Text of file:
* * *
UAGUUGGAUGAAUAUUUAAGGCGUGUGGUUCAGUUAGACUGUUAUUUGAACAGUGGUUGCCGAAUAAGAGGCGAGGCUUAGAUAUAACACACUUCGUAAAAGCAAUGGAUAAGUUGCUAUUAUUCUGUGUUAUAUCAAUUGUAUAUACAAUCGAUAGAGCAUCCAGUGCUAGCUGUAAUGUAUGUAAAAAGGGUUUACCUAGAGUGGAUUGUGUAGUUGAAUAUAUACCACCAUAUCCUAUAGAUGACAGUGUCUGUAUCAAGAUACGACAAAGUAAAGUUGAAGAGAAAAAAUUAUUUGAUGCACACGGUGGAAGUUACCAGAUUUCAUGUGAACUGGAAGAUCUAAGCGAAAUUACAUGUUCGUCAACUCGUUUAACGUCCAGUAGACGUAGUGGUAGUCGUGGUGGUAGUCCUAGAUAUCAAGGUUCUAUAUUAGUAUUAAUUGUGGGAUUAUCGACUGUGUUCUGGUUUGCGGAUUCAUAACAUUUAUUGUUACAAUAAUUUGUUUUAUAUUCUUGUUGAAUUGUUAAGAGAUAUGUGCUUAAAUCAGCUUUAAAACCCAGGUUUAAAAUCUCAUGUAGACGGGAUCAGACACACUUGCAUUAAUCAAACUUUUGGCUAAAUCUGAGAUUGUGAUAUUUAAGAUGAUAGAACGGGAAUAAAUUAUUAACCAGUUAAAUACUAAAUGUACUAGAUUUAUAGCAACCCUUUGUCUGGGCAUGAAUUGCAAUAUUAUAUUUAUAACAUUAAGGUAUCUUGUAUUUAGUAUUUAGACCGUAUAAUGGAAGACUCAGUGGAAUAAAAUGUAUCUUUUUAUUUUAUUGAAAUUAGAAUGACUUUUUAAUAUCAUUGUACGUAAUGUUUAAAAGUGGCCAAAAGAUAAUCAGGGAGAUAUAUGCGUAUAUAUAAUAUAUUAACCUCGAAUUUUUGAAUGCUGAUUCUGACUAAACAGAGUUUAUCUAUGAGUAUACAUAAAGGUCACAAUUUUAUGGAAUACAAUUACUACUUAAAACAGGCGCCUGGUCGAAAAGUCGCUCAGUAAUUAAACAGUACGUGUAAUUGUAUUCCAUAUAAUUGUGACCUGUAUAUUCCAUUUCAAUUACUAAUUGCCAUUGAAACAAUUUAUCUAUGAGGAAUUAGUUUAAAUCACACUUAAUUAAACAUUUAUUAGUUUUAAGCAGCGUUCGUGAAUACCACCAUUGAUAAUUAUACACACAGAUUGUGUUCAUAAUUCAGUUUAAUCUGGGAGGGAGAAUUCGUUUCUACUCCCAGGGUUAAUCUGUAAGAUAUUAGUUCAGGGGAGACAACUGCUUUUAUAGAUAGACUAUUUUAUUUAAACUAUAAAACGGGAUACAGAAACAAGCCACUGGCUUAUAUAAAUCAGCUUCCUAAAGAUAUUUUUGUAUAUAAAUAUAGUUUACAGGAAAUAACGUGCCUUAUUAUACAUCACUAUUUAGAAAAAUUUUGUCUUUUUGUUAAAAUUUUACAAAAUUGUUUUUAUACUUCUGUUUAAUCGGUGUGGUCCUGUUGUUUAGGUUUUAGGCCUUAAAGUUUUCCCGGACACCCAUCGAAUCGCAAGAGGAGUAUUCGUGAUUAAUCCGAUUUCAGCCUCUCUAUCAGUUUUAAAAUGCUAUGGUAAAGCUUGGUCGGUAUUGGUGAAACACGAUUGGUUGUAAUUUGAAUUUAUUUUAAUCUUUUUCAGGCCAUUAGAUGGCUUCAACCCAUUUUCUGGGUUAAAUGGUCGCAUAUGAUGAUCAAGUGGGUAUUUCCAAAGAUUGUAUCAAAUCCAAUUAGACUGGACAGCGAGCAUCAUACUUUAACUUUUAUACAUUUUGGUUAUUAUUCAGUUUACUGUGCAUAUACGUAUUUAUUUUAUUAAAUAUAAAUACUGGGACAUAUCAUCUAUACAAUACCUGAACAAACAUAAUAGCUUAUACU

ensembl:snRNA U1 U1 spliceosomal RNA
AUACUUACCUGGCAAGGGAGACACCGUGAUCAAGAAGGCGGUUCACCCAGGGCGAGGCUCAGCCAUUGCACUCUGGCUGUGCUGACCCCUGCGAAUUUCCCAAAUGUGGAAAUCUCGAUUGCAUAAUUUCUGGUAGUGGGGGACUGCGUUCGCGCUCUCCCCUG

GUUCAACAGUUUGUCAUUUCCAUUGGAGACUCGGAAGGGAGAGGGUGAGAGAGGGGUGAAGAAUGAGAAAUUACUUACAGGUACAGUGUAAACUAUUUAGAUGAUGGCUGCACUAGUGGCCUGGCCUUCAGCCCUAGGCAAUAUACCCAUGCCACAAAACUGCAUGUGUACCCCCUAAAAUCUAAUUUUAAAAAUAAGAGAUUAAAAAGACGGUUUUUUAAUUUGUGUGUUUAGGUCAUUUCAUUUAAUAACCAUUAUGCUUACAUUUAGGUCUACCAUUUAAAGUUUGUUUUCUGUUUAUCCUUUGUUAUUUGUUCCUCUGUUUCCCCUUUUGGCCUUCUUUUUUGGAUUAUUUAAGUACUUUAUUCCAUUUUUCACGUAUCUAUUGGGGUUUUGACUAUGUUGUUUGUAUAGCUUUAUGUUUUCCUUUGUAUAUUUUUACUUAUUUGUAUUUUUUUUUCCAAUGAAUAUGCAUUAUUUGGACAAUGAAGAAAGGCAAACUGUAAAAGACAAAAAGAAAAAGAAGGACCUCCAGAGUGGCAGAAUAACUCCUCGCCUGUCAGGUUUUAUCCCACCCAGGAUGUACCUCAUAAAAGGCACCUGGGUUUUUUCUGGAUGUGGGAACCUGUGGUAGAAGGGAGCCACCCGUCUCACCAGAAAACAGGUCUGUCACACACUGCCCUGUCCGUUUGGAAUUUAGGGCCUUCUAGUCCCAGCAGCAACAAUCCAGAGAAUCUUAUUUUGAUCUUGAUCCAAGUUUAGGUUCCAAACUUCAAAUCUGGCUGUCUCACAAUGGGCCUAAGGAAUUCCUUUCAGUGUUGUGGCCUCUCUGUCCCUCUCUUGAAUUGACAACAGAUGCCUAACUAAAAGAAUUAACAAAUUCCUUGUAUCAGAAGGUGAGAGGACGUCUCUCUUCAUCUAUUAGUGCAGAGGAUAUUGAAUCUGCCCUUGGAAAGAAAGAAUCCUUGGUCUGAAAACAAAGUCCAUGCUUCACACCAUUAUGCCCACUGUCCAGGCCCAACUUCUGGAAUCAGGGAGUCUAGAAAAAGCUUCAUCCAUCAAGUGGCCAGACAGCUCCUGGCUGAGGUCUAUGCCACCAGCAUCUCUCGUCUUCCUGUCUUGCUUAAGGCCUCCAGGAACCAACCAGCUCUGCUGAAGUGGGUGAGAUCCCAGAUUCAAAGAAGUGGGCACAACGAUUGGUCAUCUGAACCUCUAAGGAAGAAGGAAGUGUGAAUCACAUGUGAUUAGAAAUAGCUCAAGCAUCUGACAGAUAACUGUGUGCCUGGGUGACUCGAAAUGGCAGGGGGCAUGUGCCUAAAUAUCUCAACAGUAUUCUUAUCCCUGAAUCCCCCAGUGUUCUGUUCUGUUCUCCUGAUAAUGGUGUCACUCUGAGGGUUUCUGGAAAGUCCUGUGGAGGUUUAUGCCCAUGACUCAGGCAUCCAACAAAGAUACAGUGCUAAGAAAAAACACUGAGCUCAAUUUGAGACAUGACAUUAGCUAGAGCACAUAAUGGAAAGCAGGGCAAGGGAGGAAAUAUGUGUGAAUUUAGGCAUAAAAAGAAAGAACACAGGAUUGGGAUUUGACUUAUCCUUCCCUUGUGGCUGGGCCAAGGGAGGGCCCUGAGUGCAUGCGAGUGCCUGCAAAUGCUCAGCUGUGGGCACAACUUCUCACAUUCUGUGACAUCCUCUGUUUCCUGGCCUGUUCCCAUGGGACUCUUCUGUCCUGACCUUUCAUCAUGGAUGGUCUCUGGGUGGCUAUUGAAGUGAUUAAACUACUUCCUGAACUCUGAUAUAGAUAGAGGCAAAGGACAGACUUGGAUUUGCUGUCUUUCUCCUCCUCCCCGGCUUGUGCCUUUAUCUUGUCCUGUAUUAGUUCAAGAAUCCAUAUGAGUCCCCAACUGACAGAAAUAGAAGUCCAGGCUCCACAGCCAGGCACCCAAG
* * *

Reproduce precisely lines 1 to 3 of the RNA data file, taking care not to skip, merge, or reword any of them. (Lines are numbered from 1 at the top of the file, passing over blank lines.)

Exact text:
UAGUUGGAUGAAUAUUUAAGGCGUGUGGUUCAGUUAGACUGUUAUUUGAACAGUGGUUGCCGAAUAAGAGGCGAGGCUUAGAUAUAACACACUUCGUAAAAGCAAUGGAUAAGUUGCUAUUAUUCUGUGUUAUAUCAAUUGUAUAUACAAUCGAUAGAGCAUCCAGUGCUAGCUGUAAUGUAUGUAAAAAGGGUUUACCUAGAGUGGAUUGUGUAGUUGAAUAUAUACCACCAUAUCCUAUAGAUGACAGUGUCUGUAUCAAGAUACGACAAAGUAAAGUUGAAGAGAAAAAAUUAUUUGAUGCACACGGUGGAAGUUACCAGAUUUCAUGUGAACUGGAAGAUCUAAGCGAAAUUACAUGUUCGUCAACUCGUUUAACGUCCAGUAGACGUAGUGGUAGUCGUGGUGGUAGUCCUAGAUAUCAAGGUUCUAUAUUAGUAUUAAUUGUGGGAUUAUCGACUGUGUUCUGGUUUGCGGAUUCAUAACAUUUAUUGUUACAAUAAUUUGUUUUAUAUUCUUGUUGAAUUGUUAAGAGAUAUGUGCUUAAAUCAGCUUUAAAACCCAGGUUUAAAAUCUCAUGUAGACGGGAUCAGACACACUUGCAUUAAUCAAACUUUUGGCUAAAUCUGAGAUUGUGAUAUUUAAGAUGAUAGAACGGGAAUAAAUUAUUAACCAGUUAAAUACUAAAUGUACUAGAUUUAUAGCAACCCUUUGUCUGGGCAUGAAUUGCAAUAUUAUAUUUAUAACAUUAAGGUAUCUUGUAUUUAGUAUUUAGACCGUAUAAUGGAAGACUCAGUGGAAUAAAAUGUAUCUUUUUAUUUUAUUGAAAUUAGAAUGACUUUUUAAUAUCAUUGUACGUAAUGUUUAAAAGUGGCCAAAAGAUAAUCAGGGAGAUAUAUGCGUAUAUAUAAUAUAUUAACCUCGAAUUUUUGAAUGCUGAUUCUGACUAAACAGAGUUUAUCUAUGAGUAUACAUAAAGGUCACAAUUUUAUGGAAUACAAUUACUACUUAAAACAGGCGCCUGGUCGAAAAGUCGCUCAGUAAUUAAACAGUACGUGUAAUUGUAUUCCAUAUAAUUGUGACCUGUAUAUUCCAUUUCAAUUACUAAUUGCCAUUGAAACAAUUUAUCUAUGAGGAAUUAGUUUAAAUCACACUUAAUUAAACAUUUAUUAGUUUUAAGCAGCGUUCGUGAAUACCACCAUUGAUAAUUAUACACACAGAUUGUGUUCAUAAUUCAGUUUAAUCUGGGAGGGAGAAUUCGUUUCUACUCCCAGGGUUAAUCUGUAAGAUAUUAGUUCAGGGGAGACAACUGCUUUUAUAGAUAGACUAUUUUAUUUAAACUAUAAAACGGGAUACAGAAACAAGCCACUGGCUUAUAUAAAUCAGCUUCCUAAAGAUAUUUUUGUAUAUAAAUAUAGUUUACAGGAAAUAACGUGCCUUAUUAUACAUCACUAUUUAGAAAAAUUUUGUCUUUUUGUUAAAAUUUUACAAAAUUGUUUUUAUACUUCUGUUUAAUCGGUGUGGUCCUGUUGUUUAGGUUUUAGGCCUUAAAGUUUUCCCGGACACCCAUCGAAUCGCAAGAGGAGUAUUCGUGAUUAAUCCGAUUUCAGCCUCUCUAUCAGUUUUAAAAUGCUAUGGUAAAGCUUGGUCGGUAUUGGUGAAACACGAUUGGUUGUAAUUUGAAUUUAUUUUAAUCUUUUUCAGGCCAUUAGAUGGCUUCAACCCAUUUUCUGGGUUAAAUGGUCGCAUAUGAUGAUCAAGUGGGUAUUUCCAAAGAUUGUAUCAAAUCCAAUUAGACUGGACAGCGAGCAUCAUACUUUAACUUUUAUACAUUUUGGUUAUUAUUCAGUUUACUGUGCAUAUACGUAUUUAUUUUAUUAAAUAUAAAUACUGGGACAUAUCAUCUAUACAAUACCUGAACAAACAUAAUAGCUUAUACU

ensembl:snRNA U1 U1 spliceosomal RNA
AUACUUACCUGGCAAGGGAGACACCGUGAUCAAGAAGGCGGUUCACCCAGGGCGAGGCUCAGCCAUUGCACUCUGGCUGUGCUGACCCCUGCGAAUUUCCCAAAUGUGGAAAUCUCGAUUGCAUAAUUUCUGGUAGUGGGGGACUGCGUUCGCGCUCUCCCCUG